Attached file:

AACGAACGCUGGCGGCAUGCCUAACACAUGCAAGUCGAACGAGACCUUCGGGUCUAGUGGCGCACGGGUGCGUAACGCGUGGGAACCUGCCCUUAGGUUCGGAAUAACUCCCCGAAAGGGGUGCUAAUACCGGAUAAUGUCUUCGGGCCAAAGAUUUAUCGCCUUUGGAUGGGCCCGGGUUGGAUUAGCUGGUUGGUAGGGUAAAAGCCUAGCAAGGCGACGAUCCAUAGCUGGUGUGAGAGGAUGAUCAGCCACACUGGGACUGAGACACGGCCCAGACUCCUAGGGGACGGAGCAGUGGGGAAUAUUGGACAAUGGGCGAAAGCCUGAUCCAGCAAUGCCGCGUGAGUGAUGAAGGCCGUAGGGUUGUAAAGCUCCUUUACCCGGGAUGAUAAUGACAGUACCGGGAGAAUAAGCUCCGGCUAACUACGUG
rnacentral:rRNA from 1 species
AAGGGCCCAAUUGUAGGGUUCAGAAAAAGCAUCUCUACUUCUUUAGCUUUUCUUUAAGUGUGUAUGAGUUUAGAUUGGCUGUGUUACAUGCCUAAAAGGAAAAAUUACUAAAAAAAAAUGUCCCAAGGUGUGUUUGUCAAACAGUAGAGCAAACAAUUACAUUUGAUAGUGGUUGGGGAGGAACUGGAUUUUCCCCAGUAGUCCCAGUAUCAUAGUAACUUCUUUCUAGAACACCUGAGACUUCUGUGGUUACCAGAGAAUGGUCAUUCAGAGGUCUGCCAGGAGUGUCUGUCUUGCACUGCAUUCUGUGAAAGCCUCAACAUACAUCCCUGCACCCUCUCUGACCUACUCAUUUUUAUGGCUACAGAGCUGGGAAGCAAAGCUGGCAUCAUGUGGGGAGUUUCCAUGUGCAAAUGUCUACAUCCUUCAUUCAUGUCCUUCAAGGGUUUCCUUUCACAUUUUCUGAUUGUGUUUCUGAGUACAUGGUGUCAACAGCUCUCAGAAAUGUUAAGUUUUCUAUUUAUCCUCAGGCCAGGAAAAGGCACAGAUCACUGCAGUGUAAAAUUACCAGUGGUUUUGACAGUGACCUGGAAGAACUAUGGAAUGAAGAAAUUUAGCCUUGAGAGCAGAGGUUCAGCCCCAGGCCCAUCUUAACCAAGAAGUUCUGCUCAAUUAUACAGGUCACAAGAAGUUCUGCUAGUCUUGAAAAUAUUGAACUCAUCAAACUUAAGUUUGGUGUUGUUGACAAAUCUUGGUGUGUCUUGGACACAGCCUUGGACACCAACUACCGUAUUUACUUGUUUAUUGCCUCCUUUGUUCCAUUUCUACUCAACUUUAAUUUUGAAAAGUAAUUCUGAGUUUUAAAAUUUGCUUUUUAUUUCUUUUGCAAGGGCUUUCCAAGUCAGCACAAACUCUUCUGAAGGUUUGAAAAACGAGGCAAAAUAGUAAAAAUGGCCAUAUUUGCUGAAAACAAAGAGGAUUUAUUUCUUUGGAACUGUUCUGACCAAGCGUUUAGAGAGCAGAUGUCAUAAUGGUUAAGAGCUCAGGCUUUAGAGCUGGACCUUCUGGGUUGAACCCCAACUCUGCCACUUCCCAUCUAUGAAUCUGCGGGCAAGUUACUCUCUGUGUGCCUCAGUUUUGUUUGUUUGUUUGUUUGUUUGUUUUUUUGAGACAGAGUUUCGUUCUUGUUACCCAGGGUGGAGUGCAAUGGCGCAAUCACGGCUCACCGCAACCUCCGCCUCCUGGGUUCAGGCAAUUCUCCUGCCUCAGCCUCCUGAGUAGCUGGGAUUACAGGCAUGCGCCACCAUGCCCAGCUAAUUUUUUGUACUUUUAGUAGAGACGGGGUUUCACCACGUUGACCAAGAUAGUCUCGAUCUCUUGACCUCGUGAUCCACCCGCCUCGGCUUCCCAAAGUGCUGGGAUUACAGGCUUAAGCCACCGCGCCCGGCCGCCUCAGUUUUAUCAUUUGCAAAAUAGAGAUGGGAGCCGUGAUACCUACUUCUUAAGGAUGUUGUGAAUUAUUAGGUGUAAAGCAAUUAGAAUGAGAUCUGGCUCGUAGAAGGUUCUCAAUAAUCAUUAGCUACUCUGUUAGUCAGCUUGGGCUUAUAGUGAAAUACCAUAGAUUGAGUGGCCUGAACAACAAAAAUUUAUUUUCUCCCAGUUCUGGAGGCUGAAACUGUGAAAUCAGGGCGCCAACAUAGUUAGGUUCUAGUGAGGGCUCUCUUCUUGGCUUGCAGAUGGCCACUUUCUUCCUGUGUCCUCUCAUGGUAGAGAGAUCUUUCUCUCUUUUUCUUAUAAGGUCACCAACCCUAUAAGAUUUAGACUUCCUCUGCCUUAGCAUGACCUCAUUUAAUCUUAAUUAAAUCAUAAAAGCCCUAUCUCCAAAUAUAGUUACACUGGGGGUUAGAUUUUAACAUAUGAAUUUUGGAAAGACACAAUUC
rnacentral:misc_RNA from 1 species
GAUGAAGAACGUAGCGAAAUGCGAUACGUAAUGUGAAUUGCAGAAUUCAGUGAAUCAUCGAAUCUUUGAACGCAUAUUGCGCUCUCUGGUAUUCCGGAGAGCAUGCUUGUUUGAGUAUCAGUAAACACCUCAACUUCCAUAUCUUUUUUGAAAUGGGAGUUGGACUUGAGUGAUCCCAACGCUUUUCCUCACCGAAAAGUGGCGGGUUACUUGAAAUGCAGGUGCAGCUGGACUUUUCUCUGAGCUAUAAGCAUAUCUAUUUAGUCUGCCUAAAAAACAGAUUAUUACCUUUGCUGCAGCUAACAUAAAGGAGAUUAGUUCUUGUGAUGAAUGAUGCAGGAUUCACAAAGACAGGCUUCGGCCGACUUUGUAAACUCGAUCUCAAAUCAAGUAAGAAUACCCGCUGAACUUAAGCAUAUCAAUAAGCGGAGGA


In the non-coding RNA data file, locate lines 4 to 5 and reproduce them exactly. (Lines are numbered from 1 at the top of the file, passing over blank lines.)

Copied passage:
rnacentral:misc_RNA from 1 species
GAUGAAGAACGUAGCGAAAUGCGAUACGUAAUGUGAAUUGCAGAAUUCAGUGAAUCAUCGAAUCUUUGAACGCAUAUUGCGCUCUCUGGUAUUCCGGAGAGCAUGCUUGUUUGAGUAUCAGUAAACACCUCAACUUCCAUAUCUUUUUUGAAAUGGGAGUUGGACUUGAGUGAUCCCAACGCUUUUCCUCACCGAAAAGUGGCGGGUUACUUGAAAUGCAGGUGCAGCUGGACUUUUCUCUGAGCUAUAAGCAUAUCUAUUUAGUCUGCCUAAAAAACAGAUUAUUACCUUUGCUGCAGCUAACAUAAAGGAGAUUAGUUCUUGUGAUGAAUGAUGCAGGAUUCACAAAGACAGGCUUCGGCCGACUUUGUAAACUCGAUCUCAAAUCAAGUAAGAAUACCCGCUGAACUUAAGCAUAUCAAUAAGCGGAGGA